The patriarchal society has limited the role of women in households that fall under age-old entrenched gender norms and an atmosphere where men make money and are able to establish themselves, at the top in power structure. Men take it for granted that household chores must be shared, they work outside the home, and should be least expected to work inside homes. Taking its cue from the UN, the report points out that Women do 2.5 times more unpaid care work than men. And on the other hand, Indian women do 10 times more.
We hear the men, complaining or lamenting about the situation multiple times a day, but the idea to share household chores, never once strikes into their minds. However, in the wake of lockdown, as we begin to live our lives as if the tape got re-winded to the 90’s my life is simulated to resemble my mother’s. The constant pressure of being a good daughter fills my head with anxiety. While my brother, remains unbothered, texting on the phone, in a corner. As the males in the house deny help, it shows their authority and that they have an option to simply do so.
The dirty dishes in the sink have started to resemble my gloomy future, and the sole purpose of their miserable existence seems to illustrate my inability to work for my ambitions while being pulled back to choose a life that involves; prioritising the dishes. I try to live up to the ideals of womanhood, but constantly fail. We have two generations of men living, both sharing the same patriarchal mind set, which I now believe gets passed on in terms of heredity.
People around the world are claiming, that due to lockdown, Mother Nature is healing but how about the mother the ever giving, when will she heal? Even the pandemic fails at her feet, it cannot be the reason for her take a break and heal. As Euripides said, “of all creatures that can feel and think, we women are the worst treated things alive.”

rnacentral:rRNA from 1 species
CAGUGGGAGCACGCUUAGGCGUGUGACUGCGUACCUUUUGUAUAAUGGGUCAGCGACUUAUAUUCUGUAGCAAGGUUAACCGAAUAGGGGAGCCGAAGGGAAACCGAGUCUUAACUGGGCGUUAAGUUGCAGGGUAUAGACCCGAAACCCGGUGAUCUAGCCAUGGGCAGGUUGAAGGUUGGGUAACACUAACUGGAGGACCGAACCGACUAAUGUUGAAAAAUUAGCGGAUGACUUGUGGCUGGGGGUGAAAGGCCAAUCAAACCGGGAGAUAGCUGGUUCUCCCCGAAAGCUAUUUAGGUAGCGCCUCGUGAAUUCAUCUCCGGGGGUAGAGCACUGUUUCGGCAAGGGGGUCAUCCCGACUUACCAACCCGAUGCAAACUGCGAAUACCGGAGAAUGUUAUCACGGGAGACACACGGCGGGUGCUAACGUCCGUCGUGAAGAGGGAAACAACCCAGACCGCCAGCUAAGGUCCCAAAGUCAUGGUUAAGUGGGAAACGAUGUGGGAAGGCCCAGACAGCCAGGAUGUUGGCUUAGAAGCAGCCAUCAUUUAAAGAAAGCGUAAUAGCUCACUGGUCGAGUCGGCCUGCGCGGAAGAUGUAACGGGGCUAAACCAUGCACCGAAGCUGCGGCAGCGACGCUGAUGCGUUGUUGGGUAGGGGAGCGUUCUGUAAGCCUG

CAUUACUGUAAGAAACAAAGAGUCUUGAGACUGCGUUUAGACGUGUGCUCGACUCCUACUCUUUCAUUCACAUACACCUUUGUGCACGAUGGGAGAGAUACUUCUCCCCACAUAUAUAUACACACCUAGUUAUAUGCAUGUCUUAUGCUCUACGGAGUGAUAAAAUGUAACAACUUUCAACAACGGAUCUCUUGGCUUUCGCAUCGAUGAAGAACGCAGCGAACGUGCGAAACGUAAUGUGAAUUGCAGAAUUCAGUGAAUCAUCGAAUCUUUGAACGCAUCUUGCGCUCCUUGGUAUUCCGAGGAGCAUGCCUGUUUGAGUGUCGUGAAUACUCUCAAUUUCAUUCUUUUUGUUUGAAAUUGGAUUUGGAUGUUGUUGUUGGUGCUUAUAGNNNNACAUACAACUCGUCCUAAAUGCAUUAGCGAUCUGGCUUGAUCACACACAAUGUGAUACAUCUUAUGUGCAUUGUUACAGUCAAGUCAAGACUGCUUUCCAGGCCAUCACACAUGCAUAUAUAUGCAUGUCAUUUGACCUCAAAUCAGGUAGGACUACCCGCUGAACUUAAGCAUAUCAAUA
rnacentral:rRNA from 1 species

Women have sat indoors all these millions of years that created the personal experience as a measure through which to construct an idea about human society. The politics of power was created this way, inside the home and outside it. One thing that feminist studies points out is that, the subordination of women is the oldest form of subjugation. It goes all the way back to pre-literate terms when women literally were the property of men. It’s assumed, built-in and even dogmatic, dogma about it. So it appears natural on the surface to human society and culture in general. It justifies the systematic structures of oppression and inequality within society and attributing it all to being ‘natural’.
The identity of women in an Indian society gets interlinked with how well she manages the house, she is judged on the parameter for being a ‘good-housewife.’ Strictly defined and restrictive expectations in relation to gender roles limit their choice and freedom which forms the basis of discrimination. It creates an unequal relationship between genders and women are not able to escape until the boundaries are loosened up, their individual projections remains at stake along with the deadly virus coming in the way.